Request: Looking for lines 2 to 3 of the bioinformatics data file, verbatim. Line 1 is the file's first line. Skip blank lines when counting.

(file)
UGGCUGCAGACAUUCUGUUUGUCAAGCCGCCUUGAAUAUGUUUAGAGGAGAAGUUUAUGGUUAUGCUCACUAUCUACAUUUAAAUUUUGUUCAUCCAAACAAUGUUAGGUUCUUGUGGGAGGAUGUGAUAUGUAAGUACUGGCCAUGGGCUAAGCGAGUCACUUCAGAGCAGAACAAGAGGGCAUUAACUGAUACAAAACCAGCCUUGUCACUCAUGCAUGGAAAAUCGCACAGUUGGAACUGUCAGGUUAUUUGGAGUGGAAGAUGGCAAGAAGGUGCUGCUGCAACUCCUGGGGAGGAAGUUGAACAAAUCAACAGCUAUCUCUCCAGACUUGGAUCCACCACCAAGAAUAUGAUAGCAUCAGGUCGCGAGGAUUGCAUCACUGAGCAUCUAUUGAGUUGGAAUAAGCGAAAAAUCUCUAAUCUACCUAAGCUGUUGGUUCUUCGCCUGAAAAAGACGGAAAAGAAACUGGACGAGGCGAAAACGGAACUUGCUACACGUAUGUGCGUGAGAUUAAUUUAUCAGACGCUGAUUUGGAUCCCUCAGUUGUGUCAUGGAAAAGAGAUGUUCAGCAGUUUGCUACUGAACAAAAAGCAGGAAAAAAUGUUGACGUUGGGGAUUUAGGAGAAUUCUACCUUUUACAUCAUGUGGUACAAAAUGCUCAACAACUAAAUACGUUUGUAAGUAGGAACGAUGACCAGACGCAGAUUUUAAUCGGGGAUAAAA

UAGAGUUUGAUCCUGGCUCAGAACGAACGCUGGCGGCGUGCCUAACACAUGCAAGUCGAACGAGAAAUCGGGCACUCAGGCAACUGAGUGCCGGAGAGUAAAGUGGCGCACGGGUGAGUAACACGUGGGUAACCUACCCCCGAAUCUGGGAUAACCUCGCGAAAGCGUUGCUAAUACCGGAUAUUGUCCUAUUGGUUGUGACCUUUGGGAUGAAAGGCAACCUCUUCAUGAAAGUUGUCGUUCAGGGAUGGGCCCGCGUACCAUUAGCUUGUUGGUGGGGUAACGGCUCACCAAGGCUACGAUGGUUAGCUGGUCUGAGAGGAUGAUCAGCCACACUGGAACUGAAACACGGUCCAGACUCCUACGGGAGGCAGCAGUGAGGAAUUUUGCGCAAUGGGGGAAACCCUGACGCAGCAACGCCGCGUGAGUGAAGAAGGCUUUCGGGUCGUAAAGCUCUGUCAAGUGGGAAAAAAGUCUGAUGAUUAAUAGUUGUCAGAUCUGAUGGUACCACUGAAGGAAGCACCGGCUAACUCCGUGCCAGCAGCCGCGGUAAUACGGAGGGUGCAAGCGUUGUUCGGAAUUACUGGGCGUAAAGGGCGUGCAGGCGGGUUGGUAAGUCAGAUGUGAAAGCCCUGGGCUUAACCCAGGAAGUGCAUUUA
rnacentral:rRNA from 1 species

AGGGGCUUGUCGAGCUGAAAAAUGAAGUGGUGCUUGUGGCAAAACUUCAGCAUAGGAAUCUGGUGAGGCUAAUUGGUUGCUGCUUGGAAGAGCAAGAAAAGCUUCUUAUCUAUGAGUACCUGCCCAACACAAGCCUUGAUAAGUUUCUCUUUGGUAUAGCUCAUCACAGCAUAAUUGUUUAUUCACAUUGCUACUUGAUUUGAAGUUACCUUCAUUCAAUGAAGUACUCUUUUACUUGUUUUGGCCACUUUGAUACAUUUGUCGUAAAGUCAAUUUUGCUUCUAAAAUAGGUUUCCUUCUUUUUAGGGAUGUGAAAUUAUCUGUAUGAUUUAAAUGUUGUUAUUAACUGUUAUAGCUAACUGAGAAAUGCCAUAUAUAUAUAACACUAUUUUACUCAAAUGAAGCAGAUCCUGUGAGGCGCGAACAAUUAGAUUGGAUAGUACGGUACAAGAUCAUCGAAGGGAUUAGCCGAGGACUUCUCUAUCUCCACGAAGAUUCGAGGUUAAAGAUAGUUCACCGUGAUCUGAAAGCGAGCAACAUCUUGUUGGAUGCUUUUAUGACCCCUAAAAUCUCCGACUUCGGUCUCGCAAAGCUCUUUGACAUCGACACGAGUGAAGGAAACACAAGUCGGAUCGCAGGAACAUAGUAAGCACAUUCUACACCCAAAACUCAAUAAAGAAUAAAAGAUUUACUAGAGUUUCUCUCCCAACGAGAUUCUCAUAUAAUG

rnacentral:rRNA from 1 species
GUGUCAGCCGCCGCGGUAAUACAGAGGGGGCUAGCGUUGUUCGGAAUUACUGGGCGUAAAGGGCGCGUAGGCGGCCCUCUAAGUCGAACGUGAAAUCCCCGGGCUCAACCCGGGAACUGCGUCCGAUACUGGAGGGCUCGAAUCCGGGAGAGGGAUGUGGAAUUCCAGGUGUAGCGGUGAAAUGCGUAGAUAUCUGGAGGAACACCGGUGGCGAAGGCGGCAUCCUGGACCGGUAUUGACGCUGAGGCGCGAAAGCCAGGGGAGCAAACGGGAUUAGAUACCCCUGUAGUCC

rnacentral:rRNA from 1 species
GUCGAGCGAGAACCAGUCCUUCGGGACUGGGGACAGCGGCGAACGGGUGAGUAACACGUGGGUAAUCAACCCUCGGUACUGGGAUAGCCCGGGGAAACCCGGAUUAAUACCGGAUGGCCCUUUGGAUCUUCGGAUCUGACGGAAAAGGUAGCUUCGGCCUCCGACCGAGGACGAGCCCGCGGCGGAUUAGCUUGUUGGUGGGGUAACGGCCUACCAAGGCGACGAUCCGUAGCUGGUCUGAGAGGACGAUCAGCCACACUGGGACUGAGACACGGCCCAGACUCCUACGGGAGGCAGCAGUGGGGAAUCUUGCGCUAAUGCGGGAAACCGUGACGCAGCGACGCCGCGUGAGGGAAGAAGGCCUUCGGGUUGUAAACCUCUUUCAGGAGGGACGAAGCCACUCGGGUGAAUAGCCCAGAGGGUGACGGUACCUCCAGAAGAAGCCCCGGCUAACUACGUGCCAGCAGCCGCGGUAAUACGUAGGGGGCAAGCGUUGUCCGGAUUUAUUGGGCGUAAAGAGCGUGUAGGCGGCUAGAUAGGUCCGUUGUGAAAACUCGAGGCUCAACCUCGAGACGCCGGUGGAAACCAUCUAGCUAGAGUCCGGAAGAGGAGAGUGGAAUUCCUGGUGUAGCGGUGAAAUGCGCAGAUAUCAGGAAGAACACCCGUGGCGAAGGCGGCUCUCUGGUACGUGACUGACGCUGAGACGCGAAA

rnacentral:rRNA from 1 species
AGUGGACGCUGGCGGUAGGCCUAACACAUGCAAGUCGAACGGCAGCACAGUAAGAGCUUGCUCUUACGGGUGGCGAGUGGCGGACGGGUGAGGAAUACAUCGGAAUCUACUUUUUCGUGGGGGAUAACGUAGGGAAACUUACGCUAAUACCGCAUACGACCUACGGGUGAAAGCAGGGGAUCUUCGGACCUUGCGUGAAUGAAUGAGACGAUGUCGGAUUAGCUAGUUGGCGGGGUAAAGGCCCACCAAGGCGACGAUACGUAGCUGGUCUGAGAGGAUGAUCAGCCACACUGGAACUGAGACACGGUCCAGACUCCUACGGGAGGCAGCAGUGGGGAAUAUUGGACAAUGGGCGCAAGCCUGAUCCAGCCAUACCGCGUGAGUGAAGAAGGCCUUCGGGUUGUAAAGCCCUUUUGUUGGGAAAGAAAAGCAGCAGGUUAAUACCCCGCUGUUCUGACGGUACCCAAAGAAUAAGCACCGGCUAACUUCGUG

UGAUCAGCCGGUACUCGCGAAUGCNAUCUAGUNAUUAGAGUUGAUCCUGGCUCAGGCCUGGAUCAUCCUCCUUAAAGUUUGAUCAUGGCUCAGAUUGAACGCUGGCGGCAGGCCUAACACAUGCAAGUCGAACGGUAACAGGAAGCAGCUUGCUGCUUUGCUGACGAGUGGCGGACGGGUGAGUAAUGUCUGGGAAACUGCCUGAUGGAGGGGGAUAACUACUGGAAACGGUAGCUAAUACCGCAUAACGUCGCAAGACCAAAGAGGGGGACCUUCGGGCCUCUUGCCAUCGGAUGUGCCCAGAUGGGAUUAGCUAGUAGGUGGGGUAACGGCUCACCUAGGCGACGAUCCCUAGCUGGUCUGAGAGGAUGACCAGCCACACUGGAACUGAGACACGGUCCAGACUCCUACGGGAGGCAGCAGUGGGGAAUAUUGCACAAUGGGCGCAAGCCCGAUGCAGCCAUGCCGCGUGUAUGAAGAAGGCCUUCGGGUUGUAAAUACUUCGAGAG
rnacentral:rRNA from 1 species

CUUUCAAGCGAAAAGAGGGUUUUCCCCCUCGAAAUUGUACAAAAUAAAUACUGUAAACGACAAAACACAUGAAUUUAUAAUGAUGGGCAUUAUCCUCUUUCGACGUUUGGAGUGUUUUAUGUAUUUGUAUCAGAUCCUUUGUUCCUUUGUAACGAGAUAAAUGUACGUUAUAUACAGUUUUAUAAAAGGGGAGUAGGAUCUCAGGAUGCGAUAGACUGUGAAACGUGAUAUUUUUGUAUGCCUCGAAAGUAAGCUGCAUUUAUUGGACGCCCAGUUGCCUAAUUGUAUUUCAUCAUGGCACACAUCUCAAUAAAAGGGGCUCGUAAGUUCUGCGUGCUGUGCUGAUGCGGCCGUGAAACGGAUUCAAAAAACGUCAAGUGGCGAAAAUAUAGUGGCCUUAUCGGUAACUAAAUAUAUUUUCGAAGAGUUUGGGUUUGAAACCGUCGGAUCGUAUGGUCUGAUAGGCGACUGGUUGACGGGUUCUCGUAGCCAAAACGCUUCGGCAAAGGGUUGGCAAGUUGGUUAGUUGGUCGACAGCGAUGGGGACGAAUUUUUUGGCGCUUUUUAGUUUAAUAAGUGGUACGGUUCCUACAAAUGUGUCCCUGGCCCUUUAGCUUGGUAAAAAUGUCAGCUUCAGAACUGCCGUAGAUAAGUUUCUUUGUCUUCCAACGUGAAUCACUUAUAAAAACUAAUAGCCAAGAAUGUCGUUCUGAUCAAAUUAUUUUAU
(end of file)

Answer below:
UAGAGUUUGAUCCUGGCUCAGAACGAACGCUGGCGGCGUGCCUAACACAUGCAAGUCGAACGAGAAAUCGGGCACUCAGGCAACUGAGUGCCGGAGAGUAAAGUGGCGCACGGGUGAGUAACACGUGGGUAACCUACCCCCGAAUCUGGGAUAACCUCGCGAAAGCGUUGCUAAUACCGGAUAUUGUCCUAUUGGUUGUGACCUUUGGGAUGAAAGGCAACCUCUUCAUGAAAGUUGUCGUUCAGGGAUGGGCCCGCGUACCAUUAGCUUGUUGGUGGGGUAACGGCUCACCAAGGCUACGAUGGUUAGCUGGUCUGAGAGGAUGAUCAGCCACACUGGAACUGAAACACGGUCCAGACUCCUACGGGAGGCAGCAGUGAGGAAUUUUGCGCAAUGGGGGAAACCCUGACGCAGCAACGCCGCGUGAGUGAAGAAGGCUUUCGGGUCGUAAAGCUCUGUCAAGUGGGAAAAAAGUCUGAUGAUUAAUAGUUGUCAGAUCUGAUGGUACCACUGAAGGAAGCACCGGCUAACUCCGUGCCAGCAGCCGCGGUAAUACGGAGGGUGCAAGCGUUGUUCGGAAUUACUGGGCGUAAAGGGCGUGCAGGCGGGUUGGUAAGUCAGAUGUGAAAGCCCUGGGCUUAACCCAGGAAGUGCAUUUA
rnacentral:rRNA from 1 species